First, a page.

“Effie was very well-liked. Being easy-going and caring, everyone took her as their friend. She took pride in what she did and she cared for the mothers and the babies she served. Effie would always have the honor of carrying the baby to the car and would call the mother the next day, ‘just to make sure everything was going all right.’  Visitors were always welcomed and, if room permitted, she would take in injured men and women who couldn’t take care of themselves.

“Effie was a real servant to mankind. She meant many different things to many different people. She once took in a young baby whose mother had died, and cared for her until a family could be found to take her in. The baby is now mother, a wife, and a teacher in our local elementary school. 

Another time she saved a young man from reform school by taking responsibility for him and becoming his parole officer and guardian. He is now retired, after having become a successful businessman and father. Again Effie took in another mother on the brink of a nervous breakdown, befriended her and counseled her back to health. Afterwards, the young mother successfully raised a family of six children, all of whom are active, productive members of their communities.  

“Besides being seen as nurse to all of Rushford, she was also a wife and mother of one child, Bertha Ann, my grandmother, whom I loved very much. A member of the American Legion Auxiliary, of the Eastern Star, of the Red Cross, and of the Presbyterian Church, Effie gave her support to many substantial organizations.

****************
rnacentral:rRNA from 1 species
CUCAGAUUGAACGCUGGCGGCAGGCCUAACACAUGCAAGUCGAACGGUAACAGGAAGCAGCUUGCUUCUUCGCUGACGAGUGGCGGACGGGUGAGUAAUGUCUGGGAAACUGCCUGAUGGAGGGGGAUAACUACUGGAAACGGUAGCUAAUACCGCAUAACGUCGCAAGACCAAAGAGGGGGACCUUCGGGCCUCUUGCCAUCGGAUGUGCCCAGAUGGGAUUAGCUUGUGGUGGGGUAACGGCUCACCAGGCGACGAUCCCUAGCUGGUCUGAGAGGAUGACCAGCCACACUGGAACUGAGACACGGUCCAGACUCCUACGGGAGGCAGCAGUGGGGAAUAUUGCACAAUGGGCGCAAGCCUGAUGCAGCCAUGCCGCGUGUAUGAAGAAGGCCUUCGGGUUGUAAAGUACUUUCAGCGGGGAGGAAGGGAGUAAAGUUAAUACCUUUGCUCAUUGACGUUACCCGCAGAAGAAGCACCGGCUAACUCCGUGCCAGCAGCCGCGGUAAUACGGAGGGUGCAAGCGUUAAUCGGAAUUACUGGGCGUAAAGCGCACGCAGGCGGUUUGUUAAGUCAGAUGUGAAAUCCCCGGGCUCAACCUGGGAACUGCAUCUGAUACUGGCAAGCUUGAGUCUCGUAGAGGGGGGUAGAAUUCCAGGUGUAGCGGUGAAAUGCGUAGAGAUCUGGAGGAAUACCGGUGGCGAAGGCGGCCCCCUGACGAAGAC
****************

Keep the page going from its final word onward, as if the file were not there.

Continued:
“ Effie accomplished many things there weren’t expected of women of her time, accomplishments that most women never dreamed of.  She provided a service, a very important service to Rushford’s history. She touched many people’s lives. I would like to have met my great-grandmother and learned from her and her experiences. Many people tell me how special she was, what a wonderful human being she was.

“As I stood in front of that house, I started thinking about who I am and who I’m going to become. I started thinking about all of the important decisions I have had to make in the past and all of the important decisions I will have to make in the future. I decided something that day. I decided that I wanted to be like my great-grandmother. I want to be a servant to my community and to the world.

“I want to have more than just a job.  Like my great-grandmother, I want to make a difference.”

We hope you have enjoyed this step back in time and learning about a part of Rushford history.  This information was taken from Volume IV History of Rushford, Chapter IV (Medicine & Health) on Page 183 by Dr. Alden O. Droivold, D.V.M., published by the Rushford Area Historical Society in June of 2000.  

Please stop in to visit our Depot Museum located at 401 S. Elm Street in Rushford. We are normally open from 10-3 on Saturdays, Sundays, Mondays, Tuesdays, and Wednesdays.  Stop in and meet Judith Koskie,  new Depot Assistant.